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Building Dementia Inclusion into Intergenerational Programming

March 15, 2024 | 1:00 - 2:00 PM (ET) | Virtual (Zoom) | FREE

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Why Attend?

This webinar will help you build dementia inclusion into intergenerational programming and provide insight into how to better support individuals with dementia and their caregivers.

If you work with families, caregivers or seniors, you NEED to attend this webinar!

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Building dementia inclusion into intergenerational programming not only benefits individuals with dementia and their younger counterparts but also contributes to more inclusive, educated, and compassionate communities.

Supported by the Public Health Agency of Canada, we've been working on a project titled Promoting Dementia Awareness in Intergenerational Programming in Canada.

The webinar will bring together a panel of experts in intergenerational programming, senior programming, and dementia awareness, to share and discuss their experiences in creating dementia inclusive spaces and programs. This one hour session will be an opportunity to gain knowledge of challenges and barriers faced by individuals with dementia in accessing programming, and to learn methods and strategies to address these challenges when developing programming to be dementia inclusive.

Who Can Benefit
From This Session?

  • Community organizations that work with families and/or seniors
  • Healthcare Professionals
  • Caregiving Professionals
  • Social Workers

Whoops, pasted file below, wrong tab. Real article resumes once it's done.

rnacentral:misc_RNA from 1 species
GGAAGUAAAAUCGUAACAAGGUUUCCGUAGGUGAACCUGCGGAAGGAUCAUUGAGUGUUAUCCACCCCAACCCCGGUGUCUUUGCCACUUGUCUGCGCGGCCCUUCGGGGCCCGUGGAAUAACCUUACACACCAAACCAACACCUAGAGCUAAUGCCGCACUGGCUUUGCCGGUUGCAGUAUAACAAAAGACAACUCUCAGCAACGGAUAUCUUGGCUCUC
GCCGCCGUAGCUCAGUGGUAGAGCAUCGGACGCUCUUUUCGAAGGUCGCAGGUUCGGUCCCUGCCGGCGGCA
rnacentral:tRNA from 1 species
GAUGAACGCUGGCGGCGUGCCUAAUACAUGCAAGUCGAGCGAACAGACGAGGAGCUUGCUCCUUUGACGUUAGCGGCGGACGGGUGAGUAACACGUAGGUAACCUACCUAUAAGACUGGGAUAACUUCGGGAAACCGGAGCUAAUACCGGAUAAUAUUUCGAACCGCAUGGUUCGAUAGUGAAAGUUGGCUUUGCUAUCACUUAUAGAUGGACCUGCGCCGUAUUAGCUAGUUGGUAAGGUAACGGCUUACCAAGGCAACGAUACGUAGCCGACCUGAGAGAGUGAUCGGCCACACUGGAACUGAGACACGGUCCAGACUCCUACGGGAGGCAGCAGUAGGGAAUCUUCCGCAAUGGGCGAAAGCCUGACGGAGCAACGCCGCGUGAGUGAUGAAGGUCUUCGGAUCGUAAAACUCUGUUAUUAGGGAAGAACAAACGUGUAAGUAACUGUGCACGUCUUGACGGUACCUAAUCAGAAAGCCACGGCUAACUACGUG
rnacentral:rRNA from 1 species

• Community Health Workers
  • Families Canada Members
  • Social Services Coordinators
  • Retirement Living Recreation Coordinators
  • Community Outreach Coordinators
  • University Researchers and Academics
  • Directors and Managers of Non-Profit Organizations focused on aging, dementia, or community health


Josée Desrochers Leduc

Education Coordinator
Alzheimer Society Cornwall and District

Josée provides education and support to people living with dementia, their families, Care Partners, the public in general and health care professionals. She coordinates a variety of highly stimulating activities and educational programs and has led workshops on various topics. She has extensive experience working in the healthcare setting. Her mission/vision is to raise awareness that there is a life after the diagnosis of dementia. The more people understand the impact dementia has on the person living with it and their Care Partners; the better our clients will be understood, accepted, valued, and treated with dignity.

van Es

Director of Planning
Champlain Dementia Network

Catharina van Es was the Project Manager for the “Stronger Together Project – Making Ottawa & Renfrew County Dementia-Inclusive”. The project focused on reducing the stigma associated with dementia so that people living with dementia feel supported, valued and respected. Catharina spent most of her career working in the financial services industry where she honed her skills of prospecting, presenting and leading teams. After a 40 career, she retired from BMO Bank of Montreal and found a way to give back to her community through the work of the project. This has been a truly rewarding experience for Catharina.


Program & Training Lead
LINKages Society of Alberta

Betty Good is a visionary educator with more than 40 years of Canadian and international experience and loves connecting with people. More recently she dedicated more than eight years to LINKages Society of Alberta as the Program and Training Lead. In this role, she spearheaded intergenerational programs with the aim of creating more inclusive, connected and vibrant communities. Additionally, she provided comprehensive training sessions to assist other organizations in implementing intergenerational programs. When LINKages was forced to close its doors last fall due to under-funding, Betty opted to initiate a Social Enterprise, continuing her passion for intergenerational work.

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